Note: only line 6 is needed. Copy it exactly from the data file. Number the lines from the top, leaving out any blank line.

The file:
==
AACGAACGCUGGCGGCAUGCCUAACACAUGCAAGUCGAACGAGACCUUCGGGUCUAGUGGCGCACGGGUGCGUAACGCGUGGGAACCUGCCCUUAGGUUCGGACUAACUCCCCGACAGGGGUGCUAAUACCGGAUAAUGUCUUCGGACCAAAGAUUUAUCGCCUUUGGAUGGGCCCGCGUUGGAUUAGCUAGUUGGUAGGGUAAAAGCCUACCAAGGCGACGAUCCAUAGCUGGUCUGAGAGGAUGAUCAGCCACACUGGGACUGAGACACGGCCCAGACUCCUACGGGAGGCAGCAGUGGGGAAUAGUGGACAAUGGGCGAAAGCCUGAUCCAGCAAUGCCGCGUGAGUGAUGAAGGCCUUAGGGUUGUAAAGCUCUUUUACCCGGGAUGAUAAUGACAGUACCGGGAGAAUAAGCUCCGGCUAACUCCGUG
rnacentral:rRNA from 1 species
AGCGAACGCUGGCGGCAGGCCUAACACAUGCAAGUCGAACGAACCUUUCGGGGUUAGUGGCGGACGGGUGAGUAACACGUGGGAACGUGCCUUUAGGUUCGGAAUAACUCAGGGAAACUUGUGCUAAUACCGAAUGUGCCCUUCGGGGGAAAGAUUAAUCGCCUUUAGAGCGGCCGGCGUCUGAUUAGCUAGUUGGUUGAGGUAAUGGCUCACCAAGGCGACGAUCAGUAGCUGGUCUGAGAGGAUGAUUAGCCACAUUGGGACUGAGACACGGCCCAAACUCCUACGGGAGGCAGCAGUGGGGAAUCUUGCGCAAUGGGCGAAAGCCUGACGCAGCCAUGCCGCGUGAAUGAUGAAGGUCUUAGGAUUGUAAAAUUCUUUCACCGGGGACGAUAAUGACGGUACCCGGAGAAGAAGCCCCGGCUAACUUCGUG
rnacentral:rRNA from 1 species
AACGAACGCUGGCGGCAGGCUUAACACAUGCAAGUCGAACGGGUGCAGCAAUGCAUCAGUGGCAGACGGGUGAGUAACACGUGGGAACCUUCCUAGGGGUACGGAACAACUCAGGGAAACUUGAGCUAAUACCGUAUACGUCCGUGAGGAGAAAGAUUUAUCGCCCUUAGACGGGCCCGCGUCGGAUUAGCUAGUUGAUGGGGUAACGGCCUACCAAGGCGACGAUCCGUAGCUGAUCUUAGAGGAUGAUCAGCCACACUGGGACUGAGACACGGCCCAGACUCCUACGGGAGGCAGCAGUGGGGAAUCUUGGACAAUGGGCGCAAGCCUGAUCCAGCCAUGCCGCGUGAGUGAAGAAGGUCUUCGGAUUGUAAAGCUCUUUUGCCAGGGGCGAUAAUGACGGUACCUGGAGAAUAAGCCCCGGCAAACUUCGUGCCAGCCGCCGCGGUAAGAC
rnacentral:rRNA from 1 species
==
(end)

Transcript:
rnacentral:rRNA from 1 species